To illustrate dual presence, mis-engagement and pre-emptive departure through an indeterminate intent; in the first video clip shown here, the couple in the spotlight conduct an animated conversation in the street. In the last minute prior to their separating, although the woman eventually says goodbye, physically walks away and leaves the engagement, the man appears to have already departed from the conversation. He shuffles, he checks his cell phone, he hides behind his hands, he waves his arms uncertainly and looks around. He checks his watch. Eye contact decreases. No longer is he fully present. When she does finally leave, his reaction is marginally interested – because his roaming self has already left. His ‘Leaving’ has crept into and hijacked the meeting, while ostensibly, they were still engaged. Indeterminacy and resulting slippage is embedded here. Can this constitute evidence of a simultaneity of presence? Here, yet not here? Both people left. Movement away occurred in both parties, even though ironically, the person who left first, stayed behind. Is this occurrence actual or merely a point of perception? (Is a point of perception no less actual?)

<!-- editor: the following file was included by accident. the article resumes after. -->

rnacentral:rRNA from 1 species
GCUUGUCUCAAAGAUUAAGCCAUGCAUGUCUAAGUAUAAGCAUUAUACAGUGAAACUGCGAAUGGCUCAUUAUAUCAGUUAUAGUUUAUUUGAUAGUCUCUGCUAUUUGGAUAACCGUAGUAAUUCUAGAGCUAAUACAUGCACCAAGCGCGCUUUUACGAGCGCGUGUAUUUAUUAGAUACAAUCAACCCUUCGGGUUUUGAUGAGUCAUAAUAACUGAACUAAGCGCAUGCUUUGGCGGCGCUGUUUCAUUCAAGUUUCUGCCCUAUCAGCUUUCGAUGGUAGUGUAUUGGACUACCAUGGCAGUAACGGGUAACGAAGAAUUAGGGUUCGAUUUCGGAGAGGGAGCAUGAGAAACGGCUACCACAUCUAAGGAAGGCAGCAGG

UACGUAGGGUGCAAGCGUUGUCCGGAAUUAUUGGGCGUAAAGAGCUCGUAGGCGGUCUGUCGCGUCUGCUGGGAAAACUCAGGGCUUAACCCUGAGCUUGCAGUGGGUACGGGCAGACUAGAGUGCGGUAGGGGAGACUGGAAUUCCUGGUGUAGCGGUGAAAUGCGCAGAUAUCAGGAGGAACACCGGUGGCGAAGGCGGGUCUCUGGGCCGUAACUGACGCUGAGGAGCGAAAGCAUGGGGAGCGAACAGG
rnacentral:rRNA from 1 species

Let us examine human communication as an adhesive which only partially binds us to the moment in this continuity of change. Not only does speech aid our functioning in social situations and locates us in time and given space, but more candidly, the ability to converse and to be heard ignites, expands and affirms the map of the human heart, consolidating engagement.

‘Rudimentary engagements, communication at its most basic, the prototype of all human interaction …’ such are the descriptors for the term, ‘Protoconversation’ in Daniel Goleman`s, Social Intelligence, The New Science of Human Relationships. Protoconversations have a certain elasticity in meaning and application. Not only does it refer to the very earliest development of our powers of communication as infants (mostly non-verbal), but in adulthood, protoconversations remain as our most fundamental template for mapping, matching or missing in meetings with others.